continued For nearly a year the Park Commission has been researching a mandatory inspection and boat-washing program that is expected to prevent the claims and other invasive species from traveling from waterway to waterway, as boats moving from one water body to another are believed to be primary way the invasives are spread. Not only do they cling to boat surfaces, but they travel in watercraft bilges, ballast vessels and engine coolant, scientists have discovered.
Effective control of invasive species requires boats to be pressure washed if they are not certified as clean, drained and dry.
Warren County Supervisors have been frustrated at the state’s minimal contribution towards control efforts.
Despite scientific evidence that exists showing that early action in curbing invasives is vital in preserving waterways from substantial ecological harm, the state Department of Environmental Conservation has so far balked on pursuing abatement measures.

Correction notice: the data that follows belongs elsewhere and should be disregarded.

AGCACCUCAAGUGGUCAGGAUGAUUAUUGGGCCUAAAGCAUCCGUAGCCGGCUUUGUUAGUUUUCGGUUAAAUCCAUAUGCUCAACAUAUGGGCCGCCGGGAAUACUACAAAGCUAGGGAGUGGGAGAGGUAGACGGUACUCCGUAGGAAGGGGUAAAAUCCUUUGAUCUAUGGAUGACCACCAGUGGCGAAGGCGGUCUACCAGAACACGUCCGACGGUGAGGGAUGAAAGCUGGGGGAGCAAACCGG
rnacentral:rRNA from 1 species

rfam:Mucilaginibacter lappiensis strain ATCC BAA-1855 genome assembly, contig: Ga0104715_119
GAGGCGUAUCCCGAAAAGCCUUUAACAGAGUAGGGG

On Nov. 30, the county leaders said that drafting the law might force the state to realize that the local officials are serious about protecting the health of the lake and the future of the area’s tourism-based economy
Fred Monroe suggested that Warren County leaders urge their counterparts in Washington and Essex counties to assure that Lake George has comprehensive protection against launching of contaminated boats around the water body’s entire perimeter.
Wick said he was pleased by the vote Nov 30.
“This is an important step forward today for the county,” he said.
Walt lender of the Lake George Association offered similar praise.
“This is a great message to send to Albany,” he said. “This action shows a great deal of resolve on the local level and demonstrates that county supervisors are serious about protecting Warren County’s water bodies, particularly Lake George.”